Sciatica doesn’t sound like much. Leg pain, tingling and numbness that starts in the lower back, travels through the buttock and then down the back of your leg. I mean, it doesn’t sound like fun or anything—but until I went through a bout of sciatica I was less than sympathetic. I thought that if you have sciatica then you just need to move around a little more. Walk it off. Buck up and quit whining. I mean, seriously—how awful can a sharp pain in the buttocks really be?
After coping with sciatica for a week, I can safely say that the answer is “very painful indeed.” Reading about sciatica doesn’t do it any justice. You may understand where the nerve is located and that it’s painful, but until you’ve experienced it for yourself, you have no idea how often you need those muscles to do absolutely everything. Sitting is out of the question, as is lying on your side. Standing is OK but walking—forget about it. In the end, I spent several days lying on my stomach, complaining about my pain to any and all who would listen. And that list dwindled by the day.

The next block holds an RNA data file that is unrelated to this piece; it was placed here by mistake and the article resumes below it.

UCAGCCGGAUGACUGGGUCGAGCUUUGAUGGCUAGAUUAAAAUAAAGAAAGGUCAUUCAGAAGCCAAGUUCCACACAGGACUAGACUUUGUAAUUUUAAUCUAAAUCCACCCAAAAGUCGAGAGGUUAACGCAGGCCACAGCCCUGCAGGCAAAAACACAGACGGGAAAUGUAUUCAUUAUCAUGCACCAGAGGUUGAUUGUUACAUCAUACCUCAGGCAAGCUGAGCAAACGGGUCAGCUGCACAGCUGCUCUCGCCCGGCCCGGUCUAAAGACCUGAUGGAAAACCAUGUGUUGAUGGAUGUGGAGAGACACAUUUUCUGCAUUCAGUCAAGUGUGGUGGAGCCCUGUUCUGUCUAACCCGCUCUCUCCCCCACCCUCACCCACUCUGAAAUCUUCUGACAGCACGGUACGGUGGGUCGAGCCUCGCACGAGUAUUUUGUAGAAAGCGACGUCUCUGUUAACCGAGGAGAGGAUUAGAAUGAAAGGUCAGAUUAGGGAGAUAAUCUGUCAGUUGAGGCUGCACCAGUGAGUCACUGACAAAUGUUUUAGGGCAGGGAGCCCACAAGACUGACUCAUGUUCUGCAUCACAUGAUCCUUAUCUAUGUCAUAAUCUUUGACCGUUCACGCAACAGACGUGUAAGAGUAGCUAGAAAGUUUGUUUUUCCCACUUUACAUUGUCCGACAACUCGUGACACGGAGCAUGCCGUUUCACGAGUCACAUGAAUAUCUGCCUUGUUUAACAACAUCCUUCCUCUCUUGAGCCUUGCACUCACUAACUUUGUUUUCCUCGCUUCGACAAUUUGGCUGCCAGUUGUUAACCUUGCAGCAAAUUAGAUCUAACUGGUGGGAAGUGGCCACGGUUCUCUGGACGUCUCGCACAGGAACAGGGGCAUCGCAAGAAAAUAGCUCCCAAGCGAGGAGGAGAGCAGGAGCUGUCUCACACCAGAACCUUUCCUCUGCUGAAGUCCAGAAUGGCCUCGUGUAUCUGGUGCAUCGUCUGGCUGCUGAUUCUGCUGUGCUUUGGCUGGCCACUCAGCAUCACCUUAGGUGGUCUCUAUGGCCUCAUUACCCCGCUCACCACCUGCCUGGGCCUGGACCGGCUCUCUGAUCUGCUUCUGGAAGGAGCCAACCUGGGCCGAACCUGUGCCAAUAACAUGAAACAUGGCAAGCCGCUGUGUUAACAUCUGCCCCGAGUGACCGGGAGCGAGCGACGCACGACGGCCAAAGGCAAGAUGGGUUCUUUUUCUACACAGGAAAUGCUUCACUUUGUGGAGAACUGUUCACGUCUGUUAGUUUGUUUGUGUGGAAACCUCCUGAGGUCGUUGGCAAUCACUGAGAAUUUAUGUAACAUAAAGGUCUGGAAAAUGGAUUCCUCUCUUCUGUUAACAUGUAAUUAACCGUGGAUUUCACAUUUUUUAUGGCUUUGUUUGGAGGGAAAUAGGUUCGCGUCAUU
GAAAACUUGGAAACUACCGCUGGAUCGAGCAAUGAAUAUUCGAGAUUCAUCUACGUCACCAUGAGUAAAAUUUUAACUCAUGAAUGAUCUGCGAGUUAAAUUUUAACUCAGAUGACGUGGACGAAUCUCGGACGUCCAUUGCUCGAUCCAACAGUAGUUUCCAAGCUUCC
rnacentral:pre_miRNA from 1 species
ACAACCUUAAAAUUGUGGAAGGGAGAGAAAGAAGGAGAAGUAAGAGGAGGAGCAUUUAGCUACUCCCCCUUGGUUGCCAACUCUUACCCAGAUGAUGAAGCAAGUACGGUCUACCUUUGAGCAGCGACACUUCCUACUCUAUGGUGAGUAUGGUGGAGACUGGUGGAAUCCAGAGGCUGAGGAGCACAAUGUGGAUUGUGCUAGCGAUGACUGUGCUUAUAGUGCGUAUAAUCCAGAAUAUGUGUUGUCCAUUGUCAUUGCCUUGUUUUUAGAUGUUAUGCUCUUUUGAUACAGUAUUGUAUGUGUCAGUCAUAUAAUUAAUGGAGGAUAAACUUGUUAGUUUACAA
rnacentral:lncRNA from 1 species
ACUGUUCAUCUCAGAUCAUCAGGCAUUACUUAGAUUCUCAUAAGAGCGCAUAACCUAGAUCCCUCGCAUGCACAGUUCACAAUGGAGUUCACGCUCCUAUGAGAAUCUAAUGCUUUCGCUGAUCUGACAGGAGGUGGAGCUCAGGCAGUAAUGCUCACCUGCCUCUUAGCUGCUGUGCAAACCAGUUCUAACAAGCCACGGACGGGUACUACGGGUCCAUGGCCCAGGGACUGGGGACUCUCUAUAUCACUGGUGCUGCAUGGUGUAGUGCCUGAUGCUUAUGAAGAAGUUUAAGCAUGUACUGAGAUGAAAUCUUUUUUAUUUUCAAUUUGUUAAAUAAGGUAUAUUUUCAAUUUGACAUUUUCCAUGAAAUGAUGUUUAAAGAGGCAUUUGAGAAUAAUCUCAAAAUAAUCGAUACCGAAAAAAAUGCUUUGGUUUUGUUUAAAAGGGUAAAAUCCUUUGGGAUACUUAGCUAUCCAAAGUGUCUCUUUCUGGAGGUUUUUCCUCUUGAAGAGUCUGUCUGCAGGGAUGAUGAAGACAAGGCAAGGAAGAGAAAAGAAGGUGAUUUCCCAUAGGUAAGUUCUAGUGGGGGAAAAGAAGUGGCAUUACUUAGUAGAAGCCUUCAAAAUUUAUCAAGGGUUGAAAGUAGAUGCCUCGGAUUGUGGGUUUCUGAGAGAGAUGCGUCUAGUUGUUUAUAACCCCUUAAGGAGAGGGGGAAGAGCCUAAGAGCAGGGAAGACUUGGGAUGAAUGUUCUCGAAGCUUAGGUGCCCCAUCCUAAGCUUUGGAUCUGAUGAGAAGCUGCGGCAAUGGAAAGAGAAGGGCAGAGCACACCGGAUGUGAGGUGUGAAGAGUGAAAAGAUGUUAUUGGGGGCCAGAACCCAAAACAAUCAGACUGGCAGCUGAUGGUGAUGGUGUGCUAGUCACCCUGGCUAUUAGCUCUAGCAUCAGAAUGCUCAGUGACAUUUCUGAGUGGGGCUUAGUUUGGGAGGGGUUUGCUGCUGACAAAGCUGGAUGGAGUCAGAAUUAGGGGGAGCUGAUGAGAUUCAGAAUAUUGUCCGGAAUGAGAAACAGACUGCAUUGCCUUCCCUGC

What Is Sciatica?
Sciatica isn’t a diagnosis. It’s used to describe the pain that radiates along the sciatic nerve. Symptoms include the leg pain that I mentioned earlier, along with a “pins and needles” feeling. Sciatica is usually experienced on one side of the body, which is plenty. Seriously, sciatic pain on both sides of the body is not a scenario that any of us wants to imagine.
What Causes Sciatica?
Sciatica has been linked to the following causes:
- Pregnancy- The weight of a growing baby can often lead to pressure on the sciatic nerve.
- Spinal stenosis- A condition where the spinal canal compresses on the spinal cord or sciatic nerve roots.
- Piriformis syndrome- Also referred to as “wallet sciatica,” as it’s often caused by wallets carried in the rear pocket of sufferers.
- Spinal disc herniation- This is the cause of about 90 percent of the sciatic cases that chiropractors see.
It’s important to remember that sciatica is not a diagnosis on its own, but a signal of an underlying problem. This makes it especially important for sufferers to visit their chiropractic team; they need to deal with the sciatic pain as well as the underlying cause of that discomfort.
Your chiropractor is able to diagnose and treat the cause of your sciatica. Sciatica treatments tend to focus on removing the pain in the lower back and hips, while restoring your correct skeletal function. Once the underlying cause for your sciatica is uncovered, your symptoms should be relieved quickly.
Always consult your chiropractor or primary care physician if you are experiencing any sciatica symptoms.
Photo credit: Pain by nanny snowflake. Used under a Creative Commons license.
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